For that lord, that fo perfecuted this prelate about his phyfitian's two wives, dying twenty years fince, left two wives behind him, that can hardly be yet agreed which was his lawfull wife; and fo much for archbifhop Grindall.
Upon the deceafe of archbishop Grindall, the ftate defirous to have a learned and discreet perfon, in fo eminent a place; and the queen refolved to admit none, but a fingle man; choyce was made of Doctor Whitegyfte, then bishop of Worcester, a man in many respects very
happy, and in the beft judgments very worthy. He was noted for a man of great learning in Cambridge, and he was grown to his full ripeness of reading and judgment; even then, when thofe that they called Puritans (and fome meerely define to be Proteftants fear'd out of their wits) did not begin by the plot of fome great ones, but by the pen of Mr. Cartwright, to defend their new difcipline.
Their endeavour as was pretended to reduce all, in fhow, at least to the purity, but indeed to the poverty, of the primitive churches.
Thefe books of Mr. Cartwright, not unlearnedly written, were more learnedly answered by Doctor Whitegyfte. Both had their reward; for Mr. Cartwright, was by private favour placed about Coventry, where he grew rich, and had great maintenance to live on, and honoured as a patriarck, by many of that profeffion. Doctor Whitegyfte was made bishop of Worcester, and there having a great good report of houfkeeping, and governing the marches of Walles, he was (as my authour hath told, called unto Canterbury. While he was bifhop of Worcester, though the revenew of that be not very great, yet his cuftom was to come to the parliament very well attended, which was a fashion the queen liked exceeding well. It happened one day bifhop Elmer of London, meeting this bishop with fuch an orderly troop of tawny coats, and demanding of him, how he could keep fo many men, he answered, it was by reafon he kept fo few women.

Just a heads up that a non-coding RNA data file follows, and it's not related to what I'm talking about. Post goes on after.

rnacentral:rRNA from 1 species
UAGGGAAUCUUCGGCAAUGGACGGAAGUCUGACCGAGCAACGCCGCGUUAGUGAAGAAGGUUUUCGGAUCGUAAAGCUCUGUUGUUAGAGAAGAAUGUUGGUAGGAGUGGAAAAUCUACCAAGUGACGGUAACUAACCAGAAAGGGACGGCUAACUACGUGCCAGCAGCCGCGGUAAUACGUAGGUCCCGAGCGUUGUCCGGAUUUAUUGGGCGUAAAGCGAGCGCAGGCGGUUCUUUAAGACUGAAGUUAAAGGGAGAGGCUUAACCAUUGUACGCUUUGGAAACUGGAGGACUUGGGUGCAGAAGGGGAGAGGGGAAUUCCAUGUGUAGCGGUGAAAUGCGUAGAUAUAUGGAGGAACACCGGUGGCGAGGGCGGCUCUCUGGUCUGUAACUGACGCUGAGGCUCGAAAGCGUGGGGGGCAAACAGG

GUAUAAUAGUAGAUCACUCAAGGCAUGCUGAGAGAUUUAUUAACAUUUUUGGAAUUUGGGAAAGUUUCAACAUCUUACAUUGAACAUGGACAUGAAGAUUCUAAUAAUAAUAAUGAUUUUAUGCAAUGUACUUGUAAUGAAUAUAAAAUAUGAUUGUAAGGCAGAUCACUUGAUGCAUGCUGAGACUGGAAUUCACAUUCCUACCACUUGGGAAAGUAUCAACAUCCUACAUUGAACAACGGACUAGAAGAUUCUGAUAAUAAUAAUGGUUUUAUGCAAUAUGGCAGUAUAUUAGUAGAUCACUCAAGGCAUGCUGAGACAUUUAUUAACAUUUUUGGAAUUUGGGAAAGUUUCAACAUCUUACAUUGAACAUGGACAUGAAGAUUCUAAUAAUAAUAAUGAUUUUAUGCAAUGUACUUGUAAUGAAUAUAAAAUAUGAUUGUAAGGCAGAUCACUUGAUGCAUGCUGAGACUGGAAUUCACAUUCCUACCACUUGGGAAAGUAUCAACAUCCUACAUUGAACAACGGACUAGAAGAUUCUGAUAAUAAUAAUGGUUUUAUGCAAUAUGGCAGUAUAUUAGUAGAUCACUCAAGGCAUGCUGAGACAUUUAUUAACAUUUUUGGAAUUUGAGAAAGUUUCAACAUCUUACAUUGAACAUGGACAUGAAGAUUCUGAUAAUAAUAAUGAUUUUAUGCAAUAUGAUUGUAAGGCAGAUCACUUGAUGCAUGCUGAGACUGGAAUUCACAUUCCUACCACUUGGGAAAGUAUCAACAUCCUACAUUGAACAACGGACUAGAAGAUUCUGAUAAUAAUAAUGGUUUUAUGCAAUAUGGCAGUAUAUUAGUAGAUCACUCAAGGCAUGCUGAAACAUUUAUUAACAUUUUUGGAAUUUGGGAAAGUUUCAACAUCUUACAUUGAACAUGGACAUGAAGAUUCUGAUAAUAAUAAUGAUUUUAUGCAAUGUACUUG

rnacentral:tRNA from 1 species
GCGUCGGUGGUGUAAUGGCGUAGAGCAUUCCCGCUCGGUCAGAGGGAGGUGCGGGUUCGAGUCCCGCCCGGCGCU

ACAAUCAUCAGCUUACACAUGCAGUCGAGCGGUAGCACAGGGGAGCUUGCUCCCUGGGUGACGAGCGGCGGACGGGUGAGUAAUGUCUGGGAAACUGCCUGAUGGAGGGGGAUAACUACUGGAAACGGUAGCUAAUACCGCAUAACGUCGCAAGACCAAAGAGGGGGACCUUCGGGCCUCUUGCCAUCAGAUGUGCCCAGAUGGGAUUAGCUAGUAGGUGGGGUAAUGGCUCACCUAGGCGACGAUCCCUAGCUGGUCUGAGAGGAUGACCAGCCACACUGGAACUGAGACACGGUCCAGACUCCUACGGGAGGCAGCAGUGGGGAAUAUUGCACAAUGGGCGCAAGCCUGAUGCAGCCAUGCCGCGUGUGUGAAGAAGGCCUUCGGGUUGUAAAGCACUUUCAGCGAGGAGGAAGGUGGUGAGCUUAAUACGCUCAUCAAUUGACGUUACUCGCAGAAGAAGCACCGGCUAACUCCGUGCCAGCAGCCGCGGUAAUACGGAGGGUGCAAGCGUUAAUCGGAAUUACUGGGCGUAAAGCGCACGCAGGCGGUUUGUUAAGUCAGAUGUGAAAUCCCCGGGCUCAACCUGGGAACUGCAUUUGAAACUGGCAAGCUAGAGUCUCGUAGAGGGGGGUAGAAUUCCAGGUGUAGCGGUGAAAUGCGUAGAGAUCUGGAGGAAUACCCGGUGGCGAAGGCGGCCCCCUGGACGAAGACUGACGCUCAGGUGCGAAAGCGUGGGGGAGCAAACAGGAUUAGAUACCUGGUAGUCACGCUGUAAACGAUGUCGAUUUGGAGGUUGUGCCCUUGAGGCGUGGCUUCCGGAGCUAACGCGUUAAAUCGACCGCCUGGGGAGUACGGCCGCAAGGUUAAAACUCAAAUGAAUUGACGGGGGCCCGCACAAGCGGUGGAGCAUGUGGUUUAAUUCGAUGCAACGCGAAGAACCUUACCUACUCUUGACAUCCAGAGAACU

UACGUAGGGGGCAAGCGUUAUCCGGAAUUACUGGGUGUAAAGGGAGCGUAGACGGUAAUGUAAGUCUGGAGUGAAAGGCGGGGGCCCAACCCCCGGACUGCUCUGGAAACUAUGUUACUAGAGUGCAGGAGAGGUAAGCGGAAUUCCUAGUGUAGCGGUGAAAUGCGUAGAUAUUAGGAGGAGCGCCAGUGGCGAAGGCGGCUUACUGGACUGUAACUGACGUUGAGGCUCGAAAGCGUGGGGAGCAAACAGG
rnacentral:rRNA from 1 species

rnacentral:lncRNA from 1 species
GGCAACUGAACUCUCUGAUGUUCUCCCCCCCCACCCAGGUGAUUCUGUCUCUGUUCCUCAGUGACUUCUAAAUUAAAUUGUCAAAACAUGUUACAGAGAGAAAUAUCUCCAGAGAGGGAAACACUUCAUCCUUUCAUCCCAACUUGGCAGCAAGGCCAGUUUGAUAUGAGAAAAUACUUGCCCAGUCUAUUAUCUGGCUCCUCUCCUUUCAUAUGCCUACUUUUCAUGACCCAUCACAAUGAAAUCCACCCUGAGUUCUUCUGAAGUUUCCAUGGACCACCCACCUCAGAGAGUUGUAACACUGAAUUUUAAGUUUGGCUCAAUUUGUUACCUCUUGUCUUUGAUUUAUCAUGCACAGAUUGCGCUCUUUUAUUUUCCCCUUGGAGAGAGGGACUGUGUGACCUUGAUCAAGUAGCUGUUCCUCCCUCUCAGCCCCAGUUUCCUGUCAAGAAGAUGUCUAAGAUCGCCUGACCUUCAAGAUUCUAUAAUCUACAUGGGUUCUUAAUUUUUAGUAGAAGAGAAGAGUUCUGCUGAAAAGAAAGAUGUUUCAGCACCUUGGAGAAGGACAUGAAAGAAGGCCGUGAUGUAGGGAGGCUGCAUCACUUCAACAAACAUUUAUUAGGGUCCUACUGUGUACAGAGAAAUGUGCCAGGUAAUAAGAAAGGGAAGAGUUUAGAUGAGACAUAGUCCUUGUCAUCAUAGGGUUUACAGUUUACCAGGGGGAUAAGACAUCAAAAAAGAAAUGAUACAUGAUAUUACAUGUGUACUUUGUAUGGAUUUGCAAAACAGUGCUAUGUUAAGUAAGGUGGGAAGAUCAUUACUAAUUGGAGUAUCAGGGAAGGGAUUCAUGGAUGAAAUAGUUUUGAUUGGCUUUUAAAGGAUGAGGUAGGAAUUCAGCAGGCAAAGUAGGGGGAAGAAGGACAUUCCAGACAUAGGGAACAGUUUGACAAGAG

Being made archbishop of Canterbury, and of the privy councel, he carried himself in that mild, and charitable courfe, that he was not onely approved greatly by all the clergy of England, but even fome of thofe, whom with his pen he might feem to have wounded; mean these called Puritans, of whom he won divers by sweet perfwafions to conformity. In the ftar-chamber, he used to deliver his fentence in good fashion, ever leaning to the milder cenfure as beft became his calling. He was a great ftay in court and councel, to all oppreffions of the church, though that current was fome time fo violent, as one man's force could not stop that.